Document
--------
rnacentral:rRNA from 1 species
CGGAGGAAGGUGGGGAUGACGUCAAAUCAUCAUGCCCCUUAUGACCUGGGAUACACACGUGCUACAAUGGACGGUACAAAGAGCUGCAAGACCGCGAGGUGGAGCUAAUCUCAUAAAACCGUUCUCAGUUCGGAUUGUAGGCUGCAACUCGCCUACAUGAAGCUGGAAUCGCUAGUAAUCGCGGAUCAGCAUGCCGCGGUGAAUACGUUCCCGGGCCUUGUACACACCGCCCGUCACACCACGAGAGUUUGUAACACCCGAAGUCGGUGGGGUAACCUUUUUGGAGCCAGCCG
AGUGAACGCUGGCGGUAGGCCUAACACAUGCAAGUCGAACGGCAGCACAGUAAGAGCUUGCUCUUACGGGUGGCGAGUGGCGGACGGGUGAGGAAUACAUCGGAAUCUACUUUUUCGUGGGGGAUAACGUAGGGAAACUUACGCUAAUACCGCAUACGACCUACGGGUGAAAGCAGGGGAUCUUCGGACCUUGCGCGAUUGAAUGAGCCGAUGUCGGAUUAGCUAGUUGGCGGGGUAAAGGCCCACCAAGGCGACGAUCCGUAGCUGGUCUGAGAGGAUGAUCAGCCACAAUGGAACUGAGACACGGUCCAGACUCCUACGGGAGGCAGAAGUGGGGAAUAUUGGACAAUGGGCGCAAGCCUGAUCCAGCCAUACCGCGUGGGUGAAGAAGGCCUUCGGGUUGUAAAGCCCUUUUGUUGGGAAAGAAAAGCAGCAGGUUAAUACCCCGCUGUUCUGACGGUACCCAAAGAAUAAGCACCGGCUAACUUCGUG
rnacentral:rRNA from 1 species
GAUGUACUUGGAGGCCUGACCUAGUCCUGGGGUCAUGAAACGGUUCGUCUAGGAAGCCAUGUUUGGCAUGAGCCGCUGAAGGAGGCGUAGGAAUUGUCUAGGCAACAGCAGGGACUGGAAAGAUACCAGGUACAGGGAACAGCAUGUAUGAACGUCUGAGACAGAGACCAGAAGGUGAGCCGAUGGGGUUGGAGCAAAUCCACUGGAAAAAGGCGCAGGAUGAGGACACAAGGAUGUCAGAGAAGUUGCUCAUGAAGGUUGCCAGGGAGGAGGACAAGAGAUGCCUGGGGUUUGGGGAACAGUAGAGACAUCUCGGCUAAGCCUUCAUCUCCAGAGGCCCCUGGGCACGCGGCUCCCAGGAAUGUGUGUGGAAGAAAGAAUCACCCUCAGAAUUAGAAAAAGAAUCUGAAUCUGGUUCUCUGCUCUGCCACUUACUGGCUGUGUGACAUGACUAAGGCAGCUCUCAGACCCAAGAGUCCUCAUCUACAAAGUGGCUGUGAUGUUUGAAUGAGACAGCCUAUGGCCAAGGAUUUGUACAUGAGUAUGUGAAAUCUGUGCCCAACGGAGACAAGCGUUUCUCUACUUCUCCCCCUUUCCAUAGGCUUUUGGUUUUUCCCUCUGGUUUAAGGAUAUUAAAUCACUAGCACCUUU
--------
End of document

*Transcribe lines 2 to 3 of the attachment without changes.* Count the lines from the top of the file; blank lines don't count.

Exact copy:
CGGAGGAAGGUGGGGAUGACGUCAAAUCAUCAUGCCCCUUAUGACCUGGGAUACACACGUGCUACAAUGGACGGUACAAAGAGCUGCAAGACCGCGAGGUGGAGCUAAUCUCAUAAAACCGUUCUCAGUUCGGAUUGUAGGCUGCAACUCGCCUACAUGAAGCUGGAAUCGCUAGUAAUCGCGGAUCAGCAUGCCGCGGUGAAUACGUUCCCGGGCCUUGUACACACCGCCCGUCACACCACGAGAGUUUGUAACACCCGAAGUCGGUGGGGUAACCUUUUUGGAGCCAGCCG
AGUGAACGCUGGCGGUAGGCCUAACACAUGCAAGUCGAACGGCAGCACAGUAAGAGCUUGCUCUUACGGGUGGCGAGUGGCGGACGGGUGAGGAAUACAUCGGAAUCUACUUUUUCGUGGGGGAUAACGUAGGGAAACUUACGCUAAUACCGCAUACGACCUACGGGUGAAAGCAGGGGAUCUUCGGACCUUGCGCGAUUGAAUGAGCCGAUGUCGGAUUAGCUAGUUGGCGGGGUAAAGGCCCACCAAGGCGACGAUCCGUAGCUGGUCUGAGAGGAUGAUCAGCCACAAUGGAACUGAGACACGGUCCAGACUCCUACGGGAGGCAGAAGUGGGGAAUAUUGGACAAUGGGCGCAAGCCUGAUCCAGCCAUACCGCGUGGGUGAAGAAGGCCUUCGGGUUGUAAAGCCCUUUUGUUGGGAAAGAAAAGCAGCAGGUUAAUACCCCGCUGUUCUGACGGUACCCAAAGAAUAAGCACCGGCUAACUUCGUG